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I need help finding the reference for these given angles...

(a) 120° (b) -210° (c) 780°

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do you need help visualizing the above angles? –  jay-sun Oct 29 '12 at 21:14
    
No...I need help finding the reference angles... –  Brandt Oct 29 '12 at 21:25
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According to a definition found through Google, "The reference angle is the acute angle formed by the terminal side of the given angle and the x-axis" where the given angle is represented with its first ray along the positive $x$-axis. –  alex.jordan Oct 29 '12 at 21:28
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I would now draw each angle on a polar graph and apply the definition that alex.jordan gave (or whatever one is in your book if different). –  Ross Millikan Oct 29 '12 at 21:51
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1 Answer 1

The reference angle can be defined in various ways. One way is as follows: the reference angle is the acute angle formed by the terminal side of the given angle, and the $x$-axis, which was mentioned in the comments. You can play around with this visually on the coordinate plane to get a nice generalization:

Suppose $\theta$ is an angle, from $0^{\circ}$ to $360^{\circ}$.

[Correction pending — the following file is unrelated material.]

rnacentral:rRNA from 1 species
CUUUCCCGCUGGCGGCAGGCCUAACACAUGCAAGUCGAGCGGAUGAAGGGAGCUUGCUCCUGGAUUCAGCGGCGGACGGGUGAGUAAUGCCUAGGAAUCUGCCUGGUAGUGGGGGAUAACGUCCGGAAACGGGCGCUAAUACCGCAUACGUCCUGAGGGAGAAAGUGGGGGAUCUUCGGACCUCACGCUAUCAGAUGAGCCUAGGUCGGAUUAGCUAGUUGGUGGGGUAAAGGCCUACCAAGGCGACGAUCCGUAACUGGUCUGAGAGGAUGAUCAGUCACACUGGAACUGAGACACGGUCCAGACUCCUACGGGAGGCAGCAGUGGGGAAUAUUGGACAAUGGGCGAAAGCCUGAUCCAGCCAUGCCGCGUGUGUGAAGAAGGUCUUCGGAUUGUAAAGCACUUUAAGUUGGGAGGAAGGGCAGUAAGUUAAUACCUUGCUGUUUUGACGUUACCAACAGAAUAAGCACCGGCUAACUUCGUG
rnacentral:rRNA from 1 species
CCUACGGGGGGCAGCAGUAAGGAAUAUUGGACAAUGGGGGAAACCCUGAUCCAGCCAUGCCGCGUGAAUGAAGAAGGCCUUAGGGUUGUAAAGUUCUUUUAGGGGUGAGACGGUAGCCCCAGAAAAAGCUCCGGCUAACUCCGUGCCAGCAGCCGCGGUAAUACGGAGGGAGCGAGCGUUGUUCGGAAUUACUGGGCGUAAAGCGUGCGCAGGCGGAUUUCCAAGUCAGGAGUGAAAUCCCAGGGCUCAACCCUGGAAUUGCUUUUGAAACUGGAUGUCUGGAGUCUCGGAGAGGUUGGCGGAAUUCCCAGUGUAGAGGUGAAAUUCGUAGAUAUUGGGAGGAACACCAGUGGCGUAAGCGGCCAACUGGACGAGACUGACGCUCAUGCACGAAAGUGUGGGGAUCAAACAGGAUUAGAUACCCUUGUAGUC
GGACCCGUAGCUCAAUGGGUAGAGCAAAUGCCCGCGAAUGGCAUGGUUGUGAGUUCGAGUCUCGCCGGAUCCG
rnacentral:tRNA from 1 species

$\bullet$ If $\theta$ is in the first quadrant, then the reference is itself, $\theta$.

$\bullet$ If $\theta$ is in the second quadrant, the reference is $180^{\circ} - \theta$.

$\bullet$ If $\theta$ is in the third quadrant, the reference is $\theta - 180^{\circ}$.

$\bullet$ If $\theta$ is in the fourth qudrant, the reference is $360^{\circ} - \theta$.

Now, $120^{\circ}$ is in the second quadrant, so it's reference angle would be $\ldots$

For your other two angles, they are less than $0^{\circ}$ or greater than $360^{\circ}$. Thus, you have to find the angle from $0^{\circ}$ to $360^{\circ}$ that coincides with each of them. To do this, you add or subtract $360^{\circ}$ until you get an angle that is between $0^{\circ}$ to $360^{\circ}$.

$-210^{\circ} + 360^{\circ} = 150^{\circ}$, and since $150^{\circ}$ is in the second quadrant, the reference of $-210^{\circ}$ is $\ldots$

$780^{\circ} - 360^{\circ} - 360^{\circ} = 60^{\circ}$, and since $60^{\circ}$ is in the first quadrant, the reference of $780^{\circ}$ is $\ldots$

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